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Take a closer look in the fridge; wasted food costs consumers money

By Dave Edmark
U of A System Division of Agriculture

Fast facts:

  • Households can save dollars by eating the food they buy
  • Stick to shopping lists
  • Watch for expiration dates on foods 

(466 words)

LITTLE ROCK – Food waste not only adds up in the landfills – it’s the single largest component that ends up there – but it also is costing the average family of four $1,480 a year. Individual households contribute to the 90 billion pounds of edible food that go out with the trash annually. 

“Arkansas consumers can save money on their grocery bill by eating the food they buy,” said Laura Hendrix, assistant professor of family and consumer sciences at the University of Arkansas System Division of Agriculture. She has several tips that can add up to savings in dollars and more efficient use of food in the home. 

  • Plan menus and shopping lists – Weekly menus should be developed for meals and snacks so shopping lists can be based on the quantities needed. Hendrix advises consumers to check the refrigerator and pantry before going to the store to avoid buying more than is needed.
  • Obey food safety rules – When organizing the food in the kitchen, Hendrix recommends observing recommended storage techniques for different types of food and heeding expiration dates and “best if used by” dates on the labels. While shopping in the store, she noted it’s best to pick up the refrigerated and frozen items last to limit their time at room temperature in the grocery cart and the car, and then get them into the refrigerator or freezer within two hours. “If you have a long drive home, use thermal bags or ice chests to transport temperature-sensitive foods,” she says.
  • Set storage reminders – Foods such as meat, fish, poultry and dairy products have limited storage times and fruits and vegetables lose nutrients and quality over time. And everyone has seen stale bread with mold. Hendrix says consumers can avoid problems by reminding themselves to use up their food on time. “You can keep a list in your kitchen or use the FoodKeeper app from USDA,” she says. “The FoodKeeper app has storage recommendations, cooking tips and a calendar that lets you set up notifications for when the foods you purchased are near the end of their storage date.”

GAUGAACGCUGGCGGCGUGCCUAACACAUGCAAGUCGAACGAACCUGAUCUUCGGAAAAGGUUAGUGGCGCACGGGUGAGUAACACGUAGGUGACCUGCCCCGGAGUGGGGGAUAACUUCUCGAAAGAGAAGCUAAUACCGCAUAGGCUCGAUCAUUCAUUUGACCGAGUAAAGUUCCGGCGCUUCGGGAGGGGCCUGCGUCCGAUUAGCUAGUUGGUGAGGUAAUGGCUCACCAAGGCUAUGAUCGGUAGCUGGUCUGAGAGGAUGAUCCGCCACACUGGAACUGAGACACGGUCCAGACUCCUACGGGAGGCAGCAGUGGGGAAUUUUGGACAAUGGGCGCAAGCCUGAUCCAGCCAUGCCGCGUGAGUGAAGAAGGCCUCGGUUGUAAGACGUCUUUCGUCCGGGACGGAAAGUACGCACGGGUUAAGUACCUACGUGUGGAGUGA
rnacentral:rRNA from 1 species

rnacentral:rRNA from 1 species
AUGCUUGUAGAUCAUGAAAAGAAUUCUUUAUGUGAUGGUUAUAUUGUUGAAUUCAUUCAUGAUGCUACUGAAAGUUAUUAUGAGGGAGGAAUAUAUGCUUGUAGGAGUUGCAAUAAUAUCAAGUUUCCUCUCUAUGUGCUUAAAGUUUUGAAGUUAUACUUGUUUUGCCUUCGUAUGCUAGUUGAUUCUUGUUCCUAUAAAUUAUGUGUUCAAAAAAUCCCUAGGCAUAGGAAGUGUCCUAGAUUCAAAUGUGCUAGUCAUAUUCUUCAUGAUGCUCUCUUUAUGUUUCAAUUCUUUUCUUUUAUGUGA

• Organize the refrigerator and pantry – “It’s disappointing and costly when items go to waste because they were hidden in a forgotten corner of the refrigerator,” Hendrix says, adding that fruits and vegetables last longer when stored properly and that protein and dairy foods can spoil quickly. “A clean, organized pantry lets you see what you have on hand and use foods while they are at their best quality.”
  • Repurpose foods for later use – It’s best to cook only what will be consumed but it’s also a good idea to plan ahead for leftovers that can be frozen or used in another dish. “Over-ripe fruit is good for baking  -- think banana muffins -- or for use in smoothies,” Hendrix says.

For more information, visit or contact your county extension office. 

The University of Arkansas System Division of Agriculture offers all its Extension and Research programs and services without regard to race, color, sex, gender identity, sexual orientation, national origin, religion, age, disability, marital or veteran status, genetic information, or any other legally protected status, and is an Affirmative Action/Equal Opportunity Employer.



Media Contact: Mary Hightower
Dir. of Communication Services
U of A Division of Agriculture
Cooperative Extension Service
(501) 671-2126

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